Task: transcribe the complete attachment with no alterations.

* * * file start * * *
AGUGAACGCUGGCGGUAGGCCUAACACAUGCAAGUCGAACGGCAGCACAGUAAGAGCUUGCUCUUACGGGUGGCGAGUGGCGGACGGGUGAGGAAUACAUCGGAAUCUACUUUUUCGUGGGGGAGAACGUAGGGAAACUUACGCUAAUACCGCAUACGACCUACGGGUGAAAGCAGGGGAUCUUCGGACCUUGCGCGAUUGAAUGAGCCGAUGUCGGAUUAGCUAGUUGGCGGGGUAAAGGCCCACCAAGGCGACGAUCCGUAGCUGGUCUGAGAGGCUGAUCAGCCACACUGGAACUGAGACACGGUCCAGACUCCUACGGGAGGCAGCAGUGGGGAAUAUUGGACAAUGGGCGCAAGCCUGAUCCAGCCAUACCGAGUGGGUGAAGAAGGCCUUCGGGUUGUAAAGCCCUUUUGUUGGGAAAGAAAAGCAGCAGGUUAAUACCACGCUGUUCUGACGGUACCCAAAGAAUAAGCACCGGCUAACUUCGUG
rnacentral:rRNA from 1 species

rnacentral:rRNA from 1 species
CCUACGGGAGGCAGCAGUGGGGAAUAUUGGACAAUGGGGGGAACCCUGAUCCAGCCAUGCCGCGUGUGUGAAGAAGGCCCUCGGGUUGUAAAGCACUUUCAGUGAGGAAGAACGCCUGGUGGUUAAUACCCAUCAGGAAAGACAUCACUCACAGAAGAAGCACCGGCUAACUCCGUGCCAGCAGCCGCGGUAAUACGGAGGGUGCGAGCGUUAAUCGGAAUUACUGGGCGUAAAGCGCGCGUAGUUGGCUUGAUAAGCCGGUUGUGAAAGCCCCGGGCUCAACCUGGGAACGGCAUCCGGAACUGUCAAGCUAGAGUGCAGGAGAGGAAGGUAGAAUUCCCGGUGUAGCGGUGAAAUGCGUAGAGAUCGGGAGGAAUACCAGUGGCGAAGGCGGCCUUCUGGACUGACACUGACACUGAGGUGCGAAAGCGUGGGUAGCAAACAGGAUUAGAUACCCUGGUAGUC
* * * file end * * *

AGUGAACGCUGGCGGUAGGCCUAACACAUGCAAGUCGAACGGCAGCACAGUAAGAGCUUGCUCUUACGGGUGGCGAGUGGCGGACGGGUGAGGAAUACAUCGGAAUCUACUUUUUCGUGGGGGAGAACGUAGGGAAACUUACGCUAAUACCGCAUACGACCUACGGGUGAAAGCAGGGGAUCUUCGGACCUUGCGCGAUUGAAUGAGCCGAUGUCGGAUUAGCUAGUUGGCGGGGUAAAGGCCCACCAAGGCGACGAUCCGUAGCUGGUCUGAGAGGCUGAUCAGCCACACUGGAACUGAGACACGGUCCAGACUCCUACGGGAGGCAGCAGUGGGGAAUAUUGGACAAUGGGCGCAAGCCUGAUCCAGCCAUACCGAGUGGGUGAAGAAGGCCUUCGGGUUGUAAAGCCCUUUUGUUGGGAAAGAAAAGCAGCAGGUUAAUACCACGCUGUUCUGACGGUACCCAAAGAAUAAGCACCGGCUAACUUCGUG
rnacentral:rRNA from 1 species

rnacentral:rRNA from 1 species
CCUACGGGAGGCAGCAGUGGGGAAUAUUGGACAAUGGGGGGAACCCUGAUCCAGCCAUGCCGCGUGUGUGAAGAAGGCCCUCGGGUUGUAAAGCACUUUCAGUGAGGAAGAACGCCUGGUGGUUAAUACCCAUCAGGAAAGACAUCACUCACAGAAGAAGCACCGGCUAACUCCGUGCCAGCAGCCGCGGUAAUACGGAGGGUGCGAGCGUUAAUCGGAAUUACUGGGCGUAAAGCGCGCGUAGUUGGCUUGAUAAGCCGGUUGUGAAAGCCCCGGGCUCAACCUGGGAACGGCAUCCGGAACUGUCAAGCUAGAGUGCAGGAGAGGAAGGUAGAAUUCCCGGUGUAGCGGUGAAAUGCGUAGAGAUCGGGAGGAAUACCAGUGGCGAAGGCGGCCUUCUGGACUGACACUGACACUGAGGUGCGAAAGCGUGGGUAGCAAACAGGAUUAGAUACCCUGGUAGUC